The stereotypes of young, angry, pale and isolated gamers are wrong. Gamers of all ages play for connection, for relaxation or the intellectual challenge
In our high-vocational stress household, the most volcanic tension usually erupts over control of the PlayStation. I’m still – still – absorbed in the game of Fallout 4 I started a year ago, with thousands of hours spent on perfecting the aesthetics of post-apocalyptic settlement-building. My partner prefers a wordless immersion in the splattery worlds of first-person shooters and war games but we reconcile over rounds of two-player Diablo, fighting demons and hoarding treasure together.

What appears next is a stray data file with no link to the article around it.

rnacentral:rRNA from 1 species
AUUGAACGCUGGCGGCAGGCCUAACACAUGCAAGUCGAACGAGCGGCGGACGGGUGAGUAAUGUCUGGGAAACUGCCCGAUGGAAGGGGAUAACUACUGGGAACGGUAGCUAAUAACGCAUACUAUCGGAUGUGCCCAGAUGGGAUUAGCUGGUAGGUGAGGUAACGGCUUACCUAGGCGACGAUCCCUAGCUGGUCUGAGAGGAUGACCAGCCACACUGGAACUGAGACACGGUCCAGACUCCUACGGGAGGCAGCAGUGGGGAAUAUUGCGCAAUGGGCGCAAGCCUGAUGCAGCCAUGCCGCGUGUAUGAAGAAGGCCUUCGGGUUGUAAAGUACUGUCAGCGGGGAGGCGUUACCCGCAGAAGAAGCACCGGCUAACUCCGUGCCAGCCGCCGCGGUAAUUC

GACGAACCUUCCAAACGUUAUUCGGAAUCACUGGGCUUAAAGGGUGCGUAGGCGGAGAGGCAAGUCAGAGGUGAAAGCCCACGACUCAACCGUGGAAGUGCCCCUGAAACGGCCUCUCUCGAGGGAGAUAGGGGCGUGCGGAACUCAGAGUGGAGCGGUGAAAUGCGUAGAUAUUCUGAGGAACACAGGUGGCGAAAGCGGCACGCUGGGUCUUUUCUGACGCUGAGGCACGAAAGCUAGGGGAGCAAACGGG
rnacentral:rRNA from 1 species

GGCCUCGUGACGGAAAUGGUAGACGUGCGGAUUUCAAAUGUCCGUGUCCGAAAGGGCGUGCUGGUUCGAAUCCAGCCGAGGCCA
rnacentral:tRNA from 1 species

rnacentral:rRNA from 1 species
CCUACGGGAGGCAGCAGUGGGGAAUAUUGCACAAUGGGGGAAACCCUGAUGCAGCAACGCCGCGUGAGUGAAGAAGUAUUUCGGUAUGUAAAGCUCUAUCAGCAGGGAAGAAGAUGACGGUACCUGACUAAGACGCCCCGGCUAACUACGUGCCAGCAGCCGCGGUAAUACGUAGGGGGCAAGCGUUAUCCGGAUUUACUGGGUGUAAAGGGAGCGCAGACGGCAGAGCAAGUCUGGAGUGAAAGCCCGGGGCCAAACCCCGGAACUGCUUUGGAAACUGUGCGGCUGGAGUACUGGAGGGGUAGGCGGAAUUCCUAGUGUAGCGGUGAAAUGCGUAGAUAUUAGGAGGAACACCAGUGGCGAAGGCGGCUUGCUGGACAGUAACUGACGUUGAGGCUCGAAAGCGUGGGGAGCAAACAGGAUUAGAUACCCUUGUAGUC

I’ve come a long way from the handheld Donkey Kong I cherished as a child, or the Pitfall caves I explored on a home PC, or the small parties of teens that gathered to play Sonic the Hedgehog on the loungeroom TV. The demands of fun are more complex now – but the need for fun remains the same.